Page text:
Fat molecules influence form and function of key photosynthesis protein

September 29,2014  


cytochrome b6f complex

A representation of the cytochrome b6f complex and the interactions between its four hemes is shown. William Cramer, Purdue’s Henry Koffler Distinguished Professor of Biological Sciences, led studies that found a space within the cytochrome complex is filled with lipid molecules that influence the protein’s architecture and electrical properties. (Purdue University image/William Cramer)
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WEST LAFAYETTE, Ind. — A mysterious space within a protein critical to photosynthesis is filled with fat molecules that influence both the protein’s architecture and electrical properties, according to two recent studies.

Researchers studied the atomic structure of, and electrical interactions within, the cytochrome bf complex, a protein complex central to the transport of electrons within membranes of a plant cell, a critical step in photosynthesis.

Photosynthesis is the process by which plants, algae and bacteria convert sunlight, carbon dioxide and water into chemical energy.

William Cramer, the Purdue University professor who led the studies, said the step in which electrons are transported in the cytochrome complex is one of the slowest steps in photosynthesis and is of particular interest to those involved in the effort to speed up the process.

“The ability to manipulate photosynthesis - to make it faster or more efficient - could improve some of the global issues we face,” said Cramer, the Henry Koffler Distinguished Professor of Biological Sciences. “It could lead to crops that grow faster to help feed an increasing population, and it could lead to a source of clean energy. However, before we can meaningfully manipulate the proteins involved in photosynthesis, we need to understand their structure in detail.”

Cramer and S. Saif Hasan, a graduate student whose doctoral thesis work laid the foundation for this project, used high-resolution X-ray crystallography to reveal that a cavity within the protein was filled with lipids, greasy molecules commonly called fats. The team found a total of 46 lipid-binding sites within the protein, and the discovery could change the way the biophysics-biochemistry community thinks about membrane proteins, Cramer said.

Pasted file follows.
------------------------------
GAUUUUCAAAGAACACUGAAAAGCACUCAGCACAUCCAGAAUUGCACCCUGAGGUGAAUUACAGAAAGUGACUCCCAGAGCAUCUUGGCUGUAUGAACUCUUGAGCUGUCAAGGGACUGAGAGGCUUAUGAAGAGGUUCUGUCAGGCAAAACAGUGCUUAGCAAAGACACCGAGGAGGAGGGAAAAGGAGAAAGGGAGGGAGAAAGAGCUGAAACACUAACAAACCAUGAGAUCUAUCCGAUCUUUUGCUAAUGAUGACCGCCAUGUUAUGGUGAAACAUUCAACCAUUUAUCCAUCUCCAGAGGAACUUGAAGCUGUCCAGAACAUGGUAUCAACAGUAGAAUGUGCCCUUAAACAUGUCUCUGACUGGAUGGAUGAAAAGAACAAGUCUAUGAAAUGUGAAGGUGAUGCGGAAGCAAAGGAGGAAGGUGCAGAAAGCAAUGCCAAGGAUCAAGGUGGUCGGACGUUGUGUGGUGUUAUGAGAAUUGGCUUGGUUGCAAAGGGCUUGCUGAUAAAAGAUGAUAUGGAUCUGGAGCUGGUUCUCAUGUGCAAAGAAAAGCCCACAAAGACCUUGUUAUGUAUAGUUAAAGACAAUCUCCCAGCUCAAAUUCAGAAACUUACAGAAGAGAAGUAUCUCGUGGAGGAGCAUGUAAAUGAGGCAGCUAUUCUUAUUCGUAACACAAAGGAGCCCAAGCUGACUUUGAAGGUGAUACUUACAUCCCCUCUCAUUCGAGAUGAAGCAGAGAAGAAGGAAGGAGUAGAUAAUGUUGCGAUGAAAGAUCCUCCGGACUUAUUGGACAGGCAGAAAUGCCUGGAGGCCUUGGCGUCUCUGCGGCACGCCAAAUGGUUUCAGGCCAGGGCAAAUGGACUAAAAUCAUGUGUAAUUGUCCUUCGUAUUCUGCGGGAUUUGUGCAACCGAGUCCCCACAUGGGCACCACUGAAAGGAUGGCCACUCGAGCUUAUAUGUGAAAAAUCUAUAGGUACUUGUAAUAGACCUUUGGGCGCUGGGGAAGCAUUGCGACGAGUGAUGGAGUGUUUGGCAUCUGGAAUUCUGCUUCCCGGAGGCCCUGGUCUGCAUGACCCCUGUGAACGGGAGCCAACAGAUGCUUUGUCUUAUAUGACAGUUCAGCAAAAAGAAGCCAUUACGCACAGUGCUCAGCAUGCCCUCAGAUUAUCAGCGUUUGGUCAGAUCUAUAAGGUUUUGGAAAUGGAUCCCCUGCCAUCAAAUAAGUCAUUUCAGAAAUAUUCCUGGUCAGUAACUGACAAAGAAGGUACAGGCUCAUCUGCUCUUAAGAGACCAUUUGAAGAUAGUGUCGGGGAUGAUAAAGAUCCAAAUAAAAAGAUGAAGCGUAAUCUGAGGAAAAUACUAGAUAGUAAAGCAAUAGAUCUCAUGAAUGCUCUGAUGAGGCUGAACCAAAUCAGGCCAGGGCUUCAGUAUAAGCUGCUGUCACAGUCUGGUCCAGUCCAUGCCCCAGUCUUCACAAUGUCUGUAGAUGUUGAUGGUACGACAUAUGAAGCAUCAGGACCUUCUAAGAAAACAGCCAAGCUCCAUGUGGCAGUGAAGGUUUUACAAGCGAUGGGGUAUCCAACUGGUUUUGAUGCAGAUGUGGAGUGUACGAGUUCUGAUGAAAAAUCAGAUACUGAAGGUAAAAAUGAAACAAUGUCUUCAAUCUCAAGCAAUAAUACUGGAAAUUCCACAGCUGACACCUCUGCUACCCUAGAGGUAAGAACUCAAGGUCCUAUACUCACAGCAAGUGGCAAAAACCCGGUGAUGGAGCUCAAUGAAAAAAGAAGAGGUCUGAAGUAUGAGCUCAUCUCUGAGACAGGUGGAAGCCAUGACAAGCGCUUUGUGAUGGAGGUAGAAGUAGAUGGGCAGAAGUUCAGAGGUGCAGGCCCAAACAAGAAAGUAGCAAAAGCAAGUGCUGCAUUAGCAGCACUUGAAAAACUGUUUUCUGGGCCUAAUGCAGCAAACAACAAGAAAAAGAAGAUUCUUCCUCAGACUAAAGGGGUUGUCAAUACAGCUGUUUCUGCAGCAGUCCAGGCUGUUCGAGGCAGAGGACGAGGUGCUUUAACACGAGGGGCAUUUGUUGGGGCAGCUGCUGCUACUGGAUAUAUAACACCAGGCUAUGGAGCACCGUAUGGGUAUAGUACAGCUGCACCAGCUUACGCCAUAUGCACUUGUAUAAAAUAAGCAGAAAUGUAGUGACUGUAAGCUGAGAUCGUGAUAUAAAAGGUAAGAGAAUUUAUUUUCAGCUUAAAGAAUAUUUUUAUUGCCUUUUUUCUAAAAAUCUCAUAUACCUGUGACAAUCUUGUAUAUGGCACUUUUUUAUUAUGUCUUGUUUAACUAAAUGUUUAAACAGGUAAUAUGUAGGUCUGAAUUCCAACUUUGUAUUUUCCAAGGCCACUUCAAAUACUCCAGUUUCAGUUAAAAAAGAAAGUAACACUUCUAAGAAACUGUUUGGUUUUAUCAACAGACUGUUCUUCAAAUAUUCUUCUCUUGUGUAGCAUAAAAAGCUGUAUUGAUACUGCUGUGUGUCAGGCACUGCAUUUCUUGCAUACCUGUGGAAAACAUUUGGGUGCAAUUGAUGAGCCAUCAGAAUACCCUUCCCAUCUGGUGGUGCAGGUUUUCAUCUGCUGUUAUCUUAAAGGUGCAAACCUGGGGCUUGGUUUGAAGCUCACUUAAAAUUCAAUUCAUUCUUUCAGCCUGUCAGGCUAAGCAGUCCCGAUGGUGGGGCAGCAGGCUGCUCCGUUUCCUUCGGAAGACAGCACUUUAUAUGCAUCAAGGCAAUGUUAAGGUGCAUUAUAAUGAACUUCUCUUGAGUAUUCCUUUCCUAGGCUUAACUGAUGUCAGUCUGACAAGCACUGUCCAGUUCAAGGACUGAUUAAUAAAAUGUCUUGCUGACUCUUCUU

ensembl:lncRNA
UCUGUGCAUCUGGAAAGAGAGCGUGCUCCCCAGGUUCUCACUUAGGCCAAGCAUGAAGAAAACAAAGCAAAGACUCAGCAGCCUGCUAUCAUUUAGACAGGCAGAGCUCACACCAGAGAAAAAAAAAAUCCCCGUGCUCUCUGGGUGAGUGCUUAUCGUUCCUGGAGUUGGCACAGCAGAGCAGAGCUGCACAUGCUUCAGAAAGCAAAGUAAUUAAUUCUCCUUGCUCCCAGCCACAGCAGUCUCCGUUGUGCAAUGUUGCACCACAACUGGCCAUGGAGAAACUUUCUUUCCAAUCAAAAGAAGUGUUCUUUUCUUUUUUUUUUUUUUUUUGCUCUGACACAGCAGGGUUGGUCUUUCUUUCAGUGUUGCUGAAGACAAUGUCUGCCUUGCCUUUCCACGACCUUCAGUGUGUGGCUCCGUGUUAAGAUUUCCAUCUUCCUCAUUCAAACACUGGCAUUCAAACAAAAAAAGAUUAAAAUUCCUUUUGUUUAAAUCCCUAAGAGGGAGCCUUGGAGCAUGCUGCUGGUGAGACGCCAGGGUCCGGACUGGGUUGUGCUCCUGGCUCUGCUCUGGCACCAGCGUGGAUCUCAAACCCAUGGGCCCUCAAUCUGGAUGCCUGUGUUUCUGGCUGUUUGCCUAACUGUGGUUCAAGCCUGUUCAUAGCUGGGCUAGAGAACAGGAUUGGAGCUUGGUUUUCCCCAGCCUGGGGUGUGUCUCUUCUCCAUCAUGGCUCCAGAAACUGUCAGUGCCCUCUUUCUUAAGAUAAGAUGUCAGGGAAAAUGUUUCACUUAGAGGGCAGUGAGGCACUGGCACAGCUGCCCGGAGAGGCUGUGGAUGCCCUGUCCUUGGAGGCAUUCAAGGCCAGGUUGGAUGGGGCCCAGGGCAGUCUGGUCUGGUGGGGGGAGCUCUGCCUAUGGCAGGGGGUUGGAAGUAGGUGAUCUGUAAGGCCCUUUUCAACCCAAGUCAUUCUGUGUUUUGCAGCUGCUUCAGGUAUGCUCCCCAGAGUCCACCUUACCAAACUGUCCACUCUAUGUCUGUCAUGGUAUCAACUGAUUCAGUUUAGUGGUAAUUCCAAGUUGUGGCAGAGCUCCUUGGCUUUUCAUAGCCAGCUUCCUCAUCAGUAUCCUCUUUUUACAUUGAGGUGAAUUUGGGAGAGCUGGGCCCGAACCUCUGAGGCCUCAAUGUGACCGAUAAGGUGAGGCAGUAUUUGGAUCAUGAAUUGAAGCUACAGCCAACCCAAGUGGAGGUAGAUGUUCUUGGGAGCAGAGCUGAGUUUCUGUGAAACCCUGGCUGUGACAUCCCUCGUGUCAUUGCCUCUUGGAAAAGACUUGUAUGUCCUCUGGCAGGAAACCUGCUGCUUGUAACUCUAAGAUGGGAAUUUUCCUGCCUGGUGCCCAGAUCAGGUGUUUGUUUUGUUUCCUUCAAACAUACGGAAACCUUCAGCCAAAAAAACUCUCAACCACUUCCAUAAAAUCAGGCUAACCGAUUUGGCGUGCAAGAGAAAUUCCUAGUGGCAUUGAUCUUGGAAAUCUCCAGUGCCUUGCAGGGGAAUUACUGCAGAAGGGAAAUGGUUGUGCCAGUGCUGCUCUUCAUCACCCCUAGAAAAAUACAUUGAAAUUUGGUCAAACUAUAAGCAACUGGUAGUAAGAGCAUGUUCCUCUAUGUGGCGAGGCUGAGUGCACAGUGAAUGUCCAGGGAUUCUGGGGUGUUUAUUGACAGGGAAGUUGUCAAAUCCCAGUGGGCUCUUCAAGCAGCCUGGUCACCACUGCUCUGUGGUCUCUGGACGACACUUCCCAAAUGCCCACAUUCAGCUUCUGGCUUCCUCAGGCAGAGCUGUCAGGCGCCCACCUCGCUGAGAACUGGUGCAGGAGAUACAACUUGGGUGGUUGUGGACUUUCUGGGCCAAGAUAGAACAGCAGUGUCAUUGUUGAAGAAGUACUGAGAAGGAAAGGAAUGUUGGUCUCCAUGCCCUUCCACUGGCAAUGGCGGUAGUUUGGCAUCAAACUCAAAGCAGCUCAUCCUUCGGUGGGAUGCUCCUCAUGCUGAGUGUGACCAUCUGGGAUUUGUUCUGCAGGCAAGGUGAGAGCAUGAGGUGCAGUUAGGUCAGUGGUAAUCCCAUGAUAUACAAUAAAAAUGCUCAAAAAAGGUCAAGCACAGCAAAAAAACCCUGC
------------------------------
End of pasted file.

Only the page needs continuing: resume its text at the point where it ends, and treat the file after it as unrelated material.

Research team

The Purdue research team meets to discuss recent research results. The team discovered fat molecules within a membrane protein influence its structure and electrical properties. The findings could have implications for the effort to manipulate photosynthesis to improve crop production or to turn it into a viable alternative energy source. From left are Stanislav D. Zakharov, a senior research associate in the Department of Biological Sciences; William Cramer, the Henry Koffler Distinguished Professor of Biological Sciences; S. Saif Hasan, a biological sciences graduate student; Sergei Savikhin, an associate professor of physics; and Valentyn Stadnytskyi, a physics graduate student. (Purdue University photo/courtesy of William Cramer) 
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“It had been known that lipids created a boundary around the outside of membrane proteins, but finding them inside the protein could shift our thoughts on how these complexes work,” he said. “These lipids must be there for a reason, and we are trying to determine exactly what that is.”

The researchers suggest the lipids help stabilize the structure of the protein, assist in the formation of super-complexes that combine multiple protein complexes, and influence the ability to move an electric charge between different portions of the protein. A manuscript detailing these findings was published in the journal Structure.

Cramer, Hasan and Stanislav D. Zakharov, a senior research associate in Cramer’s laboratory, then collaborated with Sergei Savikhin, an associate professor of physics, and graduate students Adrien Chauvet and Valentyn Stadnystskyi to examine the electrical interactions of the protein complex.

Through a new spectrophotometric technique that simultaneously measures both electron transfer within the cytochrome complex and strength of interactions that result from the transfer, the team discovered that the electrical interaction varied between the different parts of the protein complex involved in transporting electrons, called hemes.

The lipid-filled cavity, roughly shaped like a triangle with a bottleneck, divides the two halves of the protein complex, and each half contains two hemes. Two hemes sit across from each other near the top of the cavity’s narrow neck, and the other two sit across from each other near its wide bottom. The researchers found that although the two hemes at the top are closer together, the preferred electron transfer was to the heme on the same side of the protein complex.

It had been thought that the internal environment of membrane proteins was characterized by an equal and small dielectric constant, a measure of the ability to store electrical energy in an electric field. However, electron transport preferentially going to the heme on the same side of the cavity is only possible if there is a relatively large dielectric constant that directs the electron that way, Cramer said.